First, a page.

Blogging the field season at White Sands

Light and dark examples of Holbrookia maculata. Photo courtesy Simone Des Roches.

So, remember my posts back in February about three lizards that evolved lighter coloration after colonizing the white gypsum sand of White Sands, New Mexico, and about Erica Bree Rosenblum, the University of Idaho biologist who has studied them for most of her career? Sure you do. Well, Rosenblum’s grad student (and my former office-mate and continuing friend) Simone Des Roches has started a blog about her work at White Sands this spring and summer. Go check it out for the latest on Holbrookia maculata, and for Simone’s fantastic photography of the beautiful desert landscape and its inhabitants.

Blogging the white sands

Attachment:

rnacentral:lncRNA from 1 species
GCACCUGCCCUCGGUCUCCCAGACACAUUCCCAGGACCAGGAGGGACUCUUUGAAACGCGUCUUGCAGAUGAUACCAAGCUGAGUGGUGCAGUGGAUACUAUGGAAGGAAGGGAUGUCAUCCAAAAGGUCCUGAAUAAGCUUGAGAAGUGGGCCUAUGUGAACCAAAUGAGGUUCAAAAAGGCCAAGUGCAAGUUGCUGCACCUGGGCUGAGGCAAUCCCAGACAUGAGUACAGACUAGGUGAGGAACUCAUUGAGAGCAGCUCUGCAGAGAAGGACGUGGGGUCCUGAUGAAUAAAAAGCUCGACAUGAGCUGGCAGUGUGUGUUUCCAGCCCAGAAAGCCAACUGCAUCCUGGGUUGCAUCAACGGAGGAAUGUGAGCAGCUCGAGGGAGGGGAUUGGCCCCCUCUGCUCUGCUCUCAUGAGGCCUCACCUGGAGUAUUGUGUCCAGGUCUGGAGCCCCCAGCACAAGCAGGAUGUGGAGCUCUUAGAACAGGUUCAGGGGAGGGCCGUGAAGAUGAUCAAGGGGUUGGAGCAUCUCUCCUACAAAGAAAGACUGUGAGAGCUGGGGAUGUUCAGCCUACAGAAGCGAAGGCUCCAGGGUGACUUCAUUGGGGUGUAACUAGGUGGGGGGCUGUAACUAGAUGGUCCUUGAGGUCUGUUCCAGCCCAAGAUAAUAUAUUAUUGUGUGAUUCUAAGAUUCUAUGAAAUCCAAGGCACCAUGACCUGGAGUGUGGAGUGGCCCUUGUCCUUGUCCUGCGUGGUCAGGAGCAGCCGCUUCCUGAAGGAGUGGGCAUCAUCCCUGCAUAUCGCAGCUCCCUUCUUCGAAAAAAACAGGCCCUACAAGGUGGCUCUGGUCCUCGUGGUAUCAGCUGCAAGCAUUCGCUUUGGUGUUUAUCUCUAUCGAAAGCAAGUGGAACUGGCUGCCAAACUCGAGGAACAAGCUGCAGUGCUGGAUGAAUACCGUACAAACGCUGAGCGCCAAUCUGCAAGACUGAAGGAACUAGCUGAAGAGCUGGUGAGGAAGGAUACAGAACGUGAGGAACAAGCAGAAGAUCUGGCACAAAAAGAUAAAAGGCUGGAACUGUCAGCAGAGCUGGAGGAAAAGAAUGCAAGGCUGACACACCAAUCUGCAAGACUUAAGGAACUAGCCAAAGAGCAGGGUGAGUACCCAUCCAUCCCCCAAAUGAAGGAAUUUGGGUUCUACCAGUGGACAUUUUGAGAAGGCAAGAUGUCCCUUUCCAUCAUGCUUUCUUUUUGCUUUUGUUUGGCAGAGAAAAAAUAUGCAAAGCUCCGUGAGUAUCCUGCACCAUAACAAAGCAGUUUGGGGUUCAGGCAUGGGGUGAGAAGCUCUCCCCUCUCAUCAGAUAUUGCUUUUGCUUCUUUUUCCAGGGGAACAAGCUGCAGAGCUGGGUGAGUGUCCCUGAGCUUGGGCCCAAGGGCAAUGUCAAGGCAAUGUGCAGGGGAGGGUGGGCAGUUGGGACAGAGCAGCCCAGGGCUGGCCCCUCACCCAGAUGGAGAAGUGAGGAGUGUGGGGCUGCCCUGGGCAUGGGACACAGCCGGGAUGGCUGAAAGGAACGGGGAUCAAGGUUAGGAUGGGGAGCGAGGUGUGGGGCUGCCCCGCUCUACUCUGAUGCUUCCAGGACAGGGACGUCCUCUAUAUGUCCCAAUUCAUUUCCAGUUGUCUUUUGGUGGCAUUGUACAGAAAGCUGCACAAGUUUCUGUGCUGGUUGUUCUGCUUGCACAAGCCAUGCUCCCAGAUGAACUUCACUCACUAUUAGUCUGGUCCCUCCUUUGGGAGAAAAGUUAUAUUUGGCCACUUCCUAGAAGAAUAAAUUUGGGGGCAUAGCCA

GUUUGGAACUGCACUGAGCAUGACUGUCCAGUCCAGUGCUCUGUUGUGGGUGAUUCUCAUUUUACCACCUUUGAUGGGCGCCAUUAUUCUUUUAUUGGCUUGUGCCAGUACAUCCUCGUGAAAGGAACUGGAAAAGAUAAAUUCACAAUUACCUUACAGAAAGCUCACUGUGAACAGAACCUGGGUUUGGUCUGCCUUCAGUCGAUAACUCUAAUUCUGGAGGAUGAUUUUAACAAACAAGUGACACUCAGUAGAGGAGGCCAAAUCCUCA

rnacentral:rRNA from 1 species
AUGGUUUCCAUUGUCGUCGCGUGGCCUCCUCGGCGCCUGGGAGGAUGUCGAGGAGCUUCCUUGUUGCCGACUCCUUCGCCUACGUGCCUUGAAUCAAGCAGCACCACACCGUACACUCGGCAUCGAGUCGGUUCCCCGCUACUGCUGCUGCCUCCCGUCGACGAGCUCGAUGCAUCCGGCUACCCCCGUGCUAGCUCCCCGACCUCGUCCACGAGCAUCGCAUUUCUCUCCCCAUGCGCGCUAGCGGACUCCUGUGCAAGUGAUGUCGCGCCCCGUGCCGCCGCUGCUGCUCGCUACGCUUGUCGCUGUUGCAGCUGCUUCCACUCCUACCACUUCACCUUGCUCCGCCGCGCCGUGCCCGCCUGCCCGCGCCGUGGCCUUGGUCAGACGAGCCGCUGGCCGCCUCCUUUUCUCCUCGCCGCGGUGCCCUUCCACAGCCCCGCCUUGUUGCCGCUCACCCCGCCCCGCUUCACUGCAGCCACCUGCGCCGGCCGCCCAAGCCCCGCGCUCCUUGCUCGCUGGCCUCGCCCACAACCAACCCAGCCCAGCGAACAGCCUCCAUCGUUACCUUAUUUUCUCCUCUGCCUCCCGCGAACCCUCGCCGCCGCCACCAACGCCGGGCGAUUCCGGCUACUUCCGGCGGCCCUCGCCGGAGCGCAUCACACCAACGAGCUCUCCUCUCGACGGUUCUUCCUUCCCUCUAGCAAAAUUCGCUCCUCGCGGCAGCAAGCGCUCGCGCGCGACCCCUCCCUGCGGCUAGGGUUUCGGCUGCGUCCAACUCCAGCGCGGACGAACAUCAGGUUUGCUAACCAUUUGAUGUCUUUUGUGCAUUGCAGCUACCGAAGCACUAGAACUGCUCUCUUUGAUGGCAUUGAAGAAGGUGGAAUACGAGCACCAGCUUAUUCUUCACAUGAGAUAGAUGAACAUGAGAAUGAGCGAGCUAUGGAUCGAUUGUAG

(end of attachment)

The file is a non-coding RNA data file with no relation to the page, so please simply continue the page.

While out of town for Science Online, I got word of a new blog worth following – two other University of Idaho doctoral students, Simone DesRoches and Kayla Hardwick, have started writing about a self-directed course they’ve set up at The Evolutionary Ecology of White Sands, NM.

Simone and Kayla will be reading three classic evolutionary ecology texts, Dolph Schluter’s Ecology of Adaptive Radiation, Jerry Coyne and Alan Orr’s Speciation, and Robert MacArthur’s Geographical Ecology, and discussing them in the context of their research on the lizards of White Sands, New Mexico. Three distantly related species have all evolved white coloration after colonizing a region of white gypsum sands, each via a different genetic mechanism. (For more details, see Ed Yong’s excellent recent article about the White Sands lizards.) It’s a fascinating system, and the three books should make a great jumping-off point for discussing what’s known about it and what’s yet to be learned.

The white sands. Photo by Fabian A.M.